The Pallava Kings of Mahabalipuram were profound thinker themselves as well patrons of art and culture. Along with poetry and literary scholasticism, architecture and sculpture hence also touched the zenith during the rule of the Pallava Kings of Mahabalipuram or Mamallapuram. They engaged architects to rebuild the city in the 7th century CE, and the result was the monuments we can see in ruins today. After the Pallava Kings of Mahabalipuram, the area was serially ruled by many dynasties, until conquered by the British. The modern town of Mahabalipuram or Mamallapuram was actually built up by the British towards the end of the nineteenth century CE.
Rathas of Mahavalipuram
Temples of Mahabalipuram
The Temples of Mahabalipuram are really something through which the Pallava Kings of Mahabalipuram have made their names immortal. The relief works in the outside of those temples literally tell the stories from the Ramayana and the Mahabharata, and at the same time, metaphorically narrates the tale of the glory of the Pallava Kings of Mahabalipuram. The entire town of Mamallapuram is full with temples with beautiful sculptures and bas reliefs. The pavilions or the Mandapas and the Chariot Temples or Rathas of Mahabalipuram are the main attractions of the Mahabalipuram Temples. The five chariot temples or Pancha Rathas of Mahavalipuram are dedicated to the Pandavas of the Mahabharata. The Arjuna Penance of Mahabalipuram is also a major tourist attraction. The Shore Temple of Mahabalipuram is also another tourist attraction of Mahabalipuram.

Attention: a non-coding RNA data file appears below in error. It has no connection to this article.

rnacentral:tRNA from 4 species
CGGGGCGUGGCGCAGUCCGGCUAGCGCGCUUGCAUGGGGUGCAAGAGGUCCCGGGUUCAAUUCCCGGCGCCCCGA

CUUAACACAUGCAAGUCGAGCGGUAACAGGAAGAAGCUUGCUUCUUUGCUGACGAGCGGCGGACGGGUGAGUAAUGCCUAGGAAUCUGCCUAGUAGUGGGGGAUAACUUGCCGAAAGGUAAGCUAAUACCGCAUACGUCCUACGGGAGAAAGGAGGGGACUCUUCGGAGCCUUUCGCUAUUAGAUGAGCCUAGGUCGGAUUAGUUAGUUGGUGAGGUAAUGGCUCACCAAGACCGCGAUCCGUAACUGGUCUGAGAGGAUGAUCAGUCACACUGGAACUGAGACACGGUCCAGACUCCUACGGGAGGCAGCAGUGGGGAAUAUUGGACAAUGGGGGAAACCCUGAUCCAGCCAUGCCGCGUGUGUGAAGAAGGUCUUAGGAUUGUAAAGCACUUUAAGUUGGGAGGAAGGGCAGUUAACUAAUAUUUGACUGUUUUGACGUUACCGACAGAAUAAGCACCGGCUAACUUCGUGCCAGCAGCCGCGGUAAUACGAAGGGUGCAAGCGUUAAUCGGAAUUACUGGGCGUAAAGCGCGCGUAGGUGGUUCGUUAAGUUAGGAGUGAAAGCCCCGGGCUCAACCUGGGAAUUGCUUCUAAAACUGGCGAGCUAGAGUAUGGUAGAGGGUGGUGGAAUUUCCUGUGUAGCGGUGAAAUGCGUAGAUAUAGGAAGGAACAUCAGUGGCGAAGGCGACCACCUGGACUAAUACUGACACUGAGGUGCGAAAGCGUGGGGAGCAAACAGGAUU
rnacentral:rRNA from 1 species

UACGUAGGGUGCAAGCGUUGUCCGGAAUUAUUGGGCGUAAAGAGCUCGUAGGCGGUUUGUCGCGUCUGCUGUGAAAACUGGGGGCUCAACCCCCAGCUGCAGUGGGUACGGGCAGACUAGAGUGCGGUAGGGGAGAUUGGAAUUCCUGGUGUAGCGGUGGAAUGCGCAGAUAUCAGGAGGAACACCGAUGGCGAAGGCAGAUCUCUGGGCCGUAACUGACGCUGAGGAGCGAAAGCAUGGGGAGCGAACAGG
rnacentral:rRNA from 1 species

Mahabalipuram Timings and Entry Fees
1. The Shore Temple of Mahabalipuram is open from 6.00 am to 5.30 pm and the entry fees is Rs 10.
2. The Vishnu Cave Temple of Mahabalipuram is open from sunrise to sunset from Monday to Friday. The entry fee is Rs. 5.
3. The Krishna Mandapam of Mahabalipuram is open from sunrise to sunset from Monday to Friday. The entry fee is Rs. 5.
4. The Mahishasuramardini Mandapam of Mahabalipuram is open from sunrise to sunset from Monday to Friday. The entry fee is Rs. 5.
5. The Pancha Ratha of Mahabalipuram is open from sunrise to sunset from Monday to Friday. The entry fee is Rs. 10.
Hotels at Mahabalipuram
There are a number of quality hotels at Mahabalipuram. Here is a list of the best hotels at Mahabalipuram -
Golden Sun Hotel & Beach Resorts,
59, Kovelong Road
Phone : +91-44-27442245 / 27442246 / 27442946
GRT Temple Bay,
104, East Raja Street,
Phone : 044-27442060,27442260,27442360
Mamalla Beach Resort,
108, Kovalam Road
Quality Inn MGM Beach Resorts
1/74, East Coast Road,
KG Emerald Beach Hotel
East Coast Road, Devaneri Village
Hotel Ideal Beach Resort
Route to Mahabalipuram
Air Route to Mahabalipuram: The Meenambakkam Airport of Chennai is the nearest airport of Mahabalipuram. The distance of this airport from Mamallapuram is 52 kms. Pre-paid taxis are readily available from the Airport for Mahabalipuram.
Road Route to Mahabalipuram: Mahabalipuram is by road well connected to Chennai, Kanchipuram, Chengalpattu and Pondicherry.
Road Route to Mahabalipuram: Chennai Central is the nearest railhead of Mahabalipuram. The distance of this station from Mahabalipuram is more or less 55 kms. Chennai is connected to all the major stations of India.